Breakups sure can suck. But you can get through them, and come out on the other side okay. Find out what can make that easier, what can make them harder, and some ways to help yourself with so you can deal, heal and get back to the business of being your kickass self.

Hopping Mad About Herpes

Anonymous asks:

I've been reading Scarleteen since I was at least 16, and the vital knowledge has kept me safe thus far... UNFORTUNATELY after getting through high school and college completely unscathed and mostly responsible, I finally dropped my guard for a nice, geeky, Christian boy who'd never kissed a girl EVER. And now I have oral herpes. I'm pissed. Really, really pissed. One day he greeted me with a kiss and when he pulled back I noticed his lips were a bit on the gross side. When he said, "Oh, I just have a cold sore," I completely freaked. Apparently his whole family caught it from his parents and they never made it clear to them that A) Cold sores/Fever blisters ARE Herpes and B) they can be spread to others. They act like it's completely normal. The last time I went to his house I saw a BULK sized bottle of Lysine on the kitchen sink. When my boyfriend asked his mom about why they never warned him, she replied that I was simply overreacting and that I should get over it.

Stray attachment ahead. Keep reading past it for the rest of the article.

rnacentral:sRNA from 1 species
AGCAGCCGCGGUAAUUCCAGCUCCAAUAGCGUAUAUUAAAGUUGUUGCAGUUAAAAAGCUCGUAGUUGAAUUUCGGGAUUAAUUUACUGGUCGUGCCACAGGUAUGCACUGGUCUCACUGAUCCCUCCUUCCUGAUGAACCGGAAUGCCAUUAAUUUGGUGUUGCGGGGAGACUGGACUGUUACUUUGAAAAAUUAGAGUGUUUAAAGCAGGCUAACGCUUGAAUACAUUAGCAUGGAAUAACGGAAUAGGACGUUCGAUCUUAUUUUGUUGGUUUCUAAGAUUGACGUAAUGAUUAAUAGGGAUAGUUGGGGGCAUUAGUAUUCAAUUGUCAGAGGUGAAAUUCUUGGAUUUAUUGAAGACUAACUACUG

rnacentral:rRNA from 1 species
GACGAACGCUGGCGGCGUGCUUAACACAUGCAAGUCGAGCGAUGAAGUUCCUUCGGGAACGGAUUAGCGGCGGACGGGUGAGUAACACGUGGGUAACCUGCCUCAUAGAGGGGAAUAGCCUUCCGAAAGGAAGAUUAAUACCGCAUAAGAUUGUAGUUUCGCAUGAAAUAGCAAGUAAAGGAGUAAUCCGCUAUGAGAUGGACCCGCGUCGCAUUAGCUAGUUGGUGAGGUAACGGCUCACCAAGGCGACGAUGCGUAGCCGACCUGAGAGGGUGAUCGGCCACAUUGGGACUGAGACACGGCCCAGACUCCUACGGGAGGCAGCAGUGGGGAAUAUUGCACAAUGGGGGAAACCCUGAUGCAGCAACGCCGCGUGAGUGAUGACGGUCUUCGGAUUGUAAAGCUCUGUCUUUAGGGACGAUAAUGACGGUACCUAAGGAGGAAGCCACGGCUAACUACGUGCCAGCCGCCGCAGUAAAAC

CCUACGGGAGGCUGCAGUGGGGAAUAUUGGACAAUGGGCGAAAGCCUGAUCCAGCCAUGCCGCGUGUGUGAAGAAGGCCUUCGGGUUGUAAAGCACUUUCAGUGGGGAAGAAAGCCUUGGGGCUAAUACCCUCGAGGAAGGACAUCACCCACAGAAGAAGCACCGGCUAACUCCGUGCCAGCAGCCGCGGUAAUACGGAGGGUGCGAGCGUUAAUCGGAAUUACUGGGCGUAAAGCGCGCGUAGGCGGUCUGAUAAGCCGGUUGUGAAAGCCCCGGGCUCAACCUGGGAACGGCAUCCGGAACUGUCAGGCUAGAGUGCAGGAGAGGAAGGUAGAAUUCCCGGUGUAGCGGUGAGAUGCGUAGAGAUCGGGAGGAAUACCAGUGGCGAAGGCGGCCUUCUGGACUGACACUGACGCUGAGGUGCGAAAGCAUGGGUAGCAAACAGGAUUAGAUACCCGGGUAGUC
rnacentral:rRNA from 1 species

I want to know how I can get through this without hating him and his generally very nice family. He's a great guy, and he didn't do it on purpose (I've never met anyone who has), but I'm just so pissed at him and at myself. I feel dirty, ashamed, and like I should have known better.

Thanks,
Newly Blistered Sister

Blog your way to feeling better

According to a recent pyschological study at the University of California - Los Angeles, keeping a journal or diary to express your feelings and experiences helps your brain cope with emotional challenges and, ultimately, make you happier. Apparently, the physical and mental act of working out our experiences on paper, be those memories trying or terrific, reduces the activity in the part of our brains responsible for controlling emotional intensity.